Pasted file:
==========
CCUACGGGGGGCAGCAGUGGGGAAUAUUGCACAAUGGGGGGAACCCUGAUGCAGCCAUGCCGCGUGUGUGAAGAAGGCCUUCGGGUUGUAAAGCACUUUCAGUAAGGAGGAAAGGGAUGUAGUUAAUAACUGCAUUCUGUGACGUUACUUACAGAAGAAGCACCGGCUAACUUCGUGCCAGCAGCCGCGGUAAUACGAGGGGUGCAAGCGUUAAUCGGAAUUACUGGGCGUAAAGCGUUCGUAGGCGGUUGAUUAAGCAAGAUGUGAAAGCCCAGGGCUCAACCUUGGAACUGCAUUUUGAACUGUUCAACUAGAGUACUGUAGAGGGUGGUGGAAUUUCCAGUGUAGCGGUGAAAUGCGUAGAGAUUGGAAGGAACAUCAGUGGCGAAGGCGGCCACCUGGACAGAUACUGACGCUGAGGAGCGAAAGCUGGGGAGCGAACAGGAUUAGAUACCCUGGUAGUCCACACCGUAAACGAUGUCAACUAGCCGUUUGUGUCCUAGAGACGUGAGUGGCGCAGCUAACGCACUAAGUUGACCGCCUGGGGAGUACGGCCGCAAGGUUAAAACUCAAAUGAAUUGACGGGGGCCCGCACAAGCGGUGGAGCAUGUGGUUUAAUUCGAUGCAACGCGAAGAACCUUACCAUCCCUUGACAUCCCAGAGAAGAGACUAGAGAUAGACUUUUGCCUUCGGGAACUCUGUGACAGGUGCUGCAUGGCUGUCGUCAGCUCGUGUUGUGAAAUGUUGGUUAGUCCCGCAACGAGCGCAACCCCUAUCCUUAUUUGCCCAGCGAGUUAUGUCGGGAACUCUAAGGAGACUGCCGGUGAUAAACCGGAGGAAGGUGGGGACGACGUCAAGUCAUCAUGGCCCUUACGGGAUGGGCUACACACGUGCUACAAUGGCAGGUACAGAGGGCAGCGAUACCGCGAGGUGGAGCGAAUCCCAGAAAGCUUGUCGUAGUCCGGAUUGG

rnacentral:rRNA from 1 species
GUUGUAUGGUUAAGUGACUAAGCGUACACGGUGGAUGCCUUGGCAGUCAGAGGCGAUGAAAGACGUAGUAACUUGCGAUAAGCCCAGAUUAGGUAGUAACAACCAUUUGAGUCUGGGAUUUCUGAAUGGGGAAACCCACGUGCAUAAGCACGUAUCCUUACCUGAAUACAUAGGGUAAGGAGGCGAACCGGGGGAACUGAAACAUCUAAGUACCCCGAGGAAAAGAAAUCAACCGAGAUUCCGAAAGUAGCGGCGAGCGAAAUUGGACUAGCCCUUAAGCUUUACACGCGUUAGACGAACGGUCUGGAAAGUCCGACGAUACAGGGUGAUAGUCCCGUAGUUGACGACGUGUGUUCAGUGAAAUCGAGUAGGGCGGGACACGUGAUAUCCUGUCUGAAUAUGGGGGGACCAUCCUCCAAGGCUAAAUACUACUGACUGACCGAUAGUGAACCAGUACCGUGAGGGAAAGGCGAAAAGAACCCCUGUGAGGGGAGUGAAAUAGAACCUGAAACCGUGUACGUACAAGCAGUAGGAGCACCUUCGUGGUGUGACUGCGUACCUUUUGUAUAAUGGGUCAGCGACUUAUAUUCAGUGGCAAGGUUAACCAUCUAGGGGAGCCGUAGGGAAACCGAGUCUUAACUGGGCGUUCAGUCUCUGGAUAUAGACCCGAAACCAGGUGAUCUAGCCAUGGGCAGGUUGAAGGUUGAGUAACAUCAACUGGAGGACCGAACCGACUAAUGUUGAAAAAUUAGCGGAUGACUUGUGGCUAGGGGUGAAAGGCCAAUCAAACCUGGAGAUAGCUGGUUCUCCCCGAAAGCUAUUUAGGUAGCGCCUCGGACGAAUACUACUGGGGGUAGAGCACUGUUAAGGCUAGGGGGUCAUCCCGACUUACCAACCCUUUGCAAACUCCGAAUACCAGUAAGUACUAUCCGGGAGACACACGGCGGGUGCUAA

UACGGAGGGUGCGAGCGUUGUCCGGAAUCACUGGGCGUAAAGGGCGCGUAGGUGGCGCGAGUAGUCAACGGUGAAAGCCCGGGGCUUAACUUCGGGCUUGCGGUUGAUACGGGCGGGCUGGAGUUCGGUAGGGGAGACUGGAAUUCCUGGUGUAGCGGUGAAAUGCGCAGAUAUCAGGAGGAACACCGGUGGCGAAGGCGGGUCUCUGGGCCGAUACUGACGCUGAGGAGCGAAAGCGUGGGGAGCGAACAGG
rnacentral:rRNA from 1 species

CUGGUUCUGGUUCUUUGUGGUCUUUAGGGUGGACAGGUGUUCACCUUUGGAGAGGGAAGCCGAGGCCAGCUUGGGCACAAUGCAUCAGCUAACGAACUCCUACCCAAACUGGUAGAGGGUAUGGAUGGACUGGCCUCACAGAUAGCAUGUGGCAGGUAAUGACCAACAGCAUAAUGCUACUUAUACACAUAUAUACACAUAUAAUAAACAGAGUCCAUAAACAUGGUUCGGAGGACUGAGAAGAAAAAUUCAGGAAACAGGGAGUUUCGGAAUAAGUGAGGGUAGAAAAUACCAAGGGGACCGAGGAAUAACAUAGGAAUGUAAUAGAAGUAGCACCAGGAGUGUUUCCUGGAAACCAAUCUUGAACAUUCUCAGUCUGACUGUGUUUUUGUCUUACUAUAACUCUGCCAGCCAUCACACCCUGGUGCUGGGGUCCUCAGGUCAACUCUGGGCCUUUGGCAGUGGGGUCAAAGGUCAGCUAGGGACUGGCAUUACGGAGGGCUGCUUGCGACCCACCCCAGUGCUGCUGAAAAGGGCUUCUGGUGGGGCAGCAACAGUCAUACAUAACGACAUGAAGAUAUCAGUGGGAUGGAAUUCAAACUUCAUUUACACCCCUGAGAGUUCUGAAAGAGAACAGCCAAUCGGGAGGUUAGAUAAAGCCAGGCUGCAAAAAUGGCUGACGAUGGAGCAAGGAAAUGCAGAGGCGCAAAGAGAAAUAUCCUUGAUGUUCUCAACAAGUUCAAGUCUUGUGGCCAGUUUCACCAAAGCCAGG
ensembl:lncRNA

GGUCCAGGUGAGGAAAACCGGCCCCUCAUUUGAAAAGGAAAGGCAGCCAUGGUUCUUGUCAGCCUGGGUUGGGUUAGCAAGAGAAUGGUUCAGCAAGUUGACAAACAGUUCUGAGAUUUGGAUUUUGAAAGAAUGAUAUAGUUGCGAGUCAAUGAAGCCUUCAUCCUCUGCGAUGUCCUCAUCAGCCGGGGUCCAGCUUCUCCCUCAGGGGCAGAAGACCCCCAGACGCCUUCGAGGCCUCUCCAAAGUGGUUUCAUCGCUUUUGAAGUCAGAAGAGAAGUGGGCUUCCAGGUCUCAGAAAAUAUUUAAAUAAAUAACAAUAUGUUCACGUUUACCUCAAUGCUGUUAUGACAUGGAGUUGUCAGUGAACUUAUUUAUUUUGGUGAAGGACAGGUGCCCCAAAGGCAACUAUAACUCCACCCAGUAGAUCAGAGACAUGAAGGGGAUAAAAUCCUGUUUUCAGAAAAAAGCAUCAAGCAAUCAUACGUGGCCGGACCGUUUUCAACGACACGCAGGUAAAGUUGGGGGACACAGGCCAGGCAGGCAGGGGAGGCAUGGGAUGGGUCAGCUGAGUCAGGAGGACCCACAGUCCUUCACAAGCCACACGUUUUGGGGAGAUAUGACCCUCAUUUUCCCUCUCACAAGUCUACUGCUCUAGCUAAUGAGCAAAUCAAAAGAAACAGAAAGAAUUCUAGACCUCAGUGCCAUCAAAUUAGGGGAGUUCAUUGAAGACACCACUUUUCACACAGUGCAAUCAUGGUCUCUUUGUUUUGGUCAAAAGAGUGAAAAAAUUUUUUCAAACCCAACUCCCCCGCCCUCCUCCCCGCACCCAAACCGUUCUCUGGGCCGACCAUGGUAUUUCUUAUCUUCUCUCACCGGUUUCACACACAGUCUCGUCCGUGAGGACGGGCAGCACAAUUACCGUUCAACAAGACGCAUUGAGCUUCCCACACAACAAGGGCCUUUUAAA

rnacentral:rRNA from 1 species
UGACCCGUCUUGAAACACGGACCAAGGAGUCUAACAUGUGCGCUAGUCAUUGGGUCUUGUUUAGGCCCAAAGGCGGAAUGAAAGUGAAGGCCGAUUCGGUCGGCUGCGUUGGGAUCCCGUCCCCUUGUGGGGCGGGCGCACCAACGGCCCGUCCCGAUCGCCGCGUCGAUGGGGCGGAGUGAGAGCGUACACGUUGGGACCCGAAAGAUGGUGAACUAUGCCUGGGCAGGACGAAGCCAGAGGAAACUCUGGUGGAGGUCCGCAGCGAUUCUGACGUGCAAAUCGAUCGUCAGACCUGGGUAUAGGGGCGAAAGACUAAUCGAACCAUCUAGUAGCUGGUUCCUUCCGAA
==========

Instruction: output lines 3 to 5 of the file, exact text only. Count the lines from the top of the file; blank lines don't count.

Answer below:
GUUGUAUGGUUAAGUGACUAAGCGUACACGGUGGAUGCCUUGGCAGUCAGAGGCGAUGAAAGACGUAGUAACUUGCGAUAAGCCCAGAUUAGGUAGUAACAACCAUUUGAGUCUGGGAUUUCUGAAUGGGGAAACCCACGUGCAUAAGCACGUAUCCUUACCUGAAUACAUAGGGUAAGGAGGCGAACCGGGGGAACUGAAACAUCUAAGUACCCCGAGGAAAAGAAAUCAACCGAGAUUCCGAAAGUAGCGGCGAGCGAAAUUGGACUAGCCCUUAAGCUUUACACGCGUUAGACGAACGGUCUGGAAAGUCCGACGAUACAGGGUGAUAGUCCCGUAGUUGACGACGUGUGUUCAGUGAAAUCGAGUAGGGCGGGACACGUGAUAUCCUGUCUGAAUAUGGGGGGACCAUCCUCCAAGGCUAAAUACUACUGACUGACCGAUAGUGAACCAGUACCGUGAGGGAAAGGCGAAAAGAACCCCUGUGAGGGGAGUGAAAUAGAACCUGAAACCGUGUACGUACAAGCAGUAGGAGCACCUUCGUGGUGUGACUGCGUACCUUUUGUAUAAUGGGUCAGCGACUUAUAUUCAGUGGCAAGGUUAACCAUCUAGGGGAGCCGUAGGGAAACCGAGUCUUAACUGGGCGUUCAGUCUCUGGAUAUAGACCCGAAACCAGGUGAUCUAGCCAUGGGCAGGUUGAAGGUUGAGUAACAUCAACUGGAGGACCGAACCGACUAAUGUUGAAAAAUUAGCGGAUGACUUGUGGCUAGGGGUGAAAGGCCAAUCAAACCUGGAGAUAGCUGGUUCUCCCCGAAAGCUAUUUAGGUAGCGCCUCGGACGAAUACUACUGGGGGUAGAGCACUGUUAAGGCUAGGGGGUCAUCCCGACUUACCAACCCUUUGCAAACUCCGAAUACCAGUAAGUACUAUCCGGGAGACACACGGCGGGUGCUAA

UACGGAGGGUGCGAGCGUUGUCCGGAAUCACUGGGCGUAAAGGGCGCGUAGGUGGCGCGAGUAGUCAACGGUGAAAGCCCGGGGCUUAACUUCGGGCUUGCGGUUGAUACGGGCGGGCUGGAGUUCGGUAGGGGAGACUGGAAUUCCUGGUGUAGCGGUGAAAUGCGCAGAUAUCAGGAGGAACACCGGUGGCGAAGGCGGGUCUCUGGGCCGAUACUGACGCUGAGGAGCGAAAGCGUGGGGAGCGAACAGG
rnacentral:rRNA from 1 species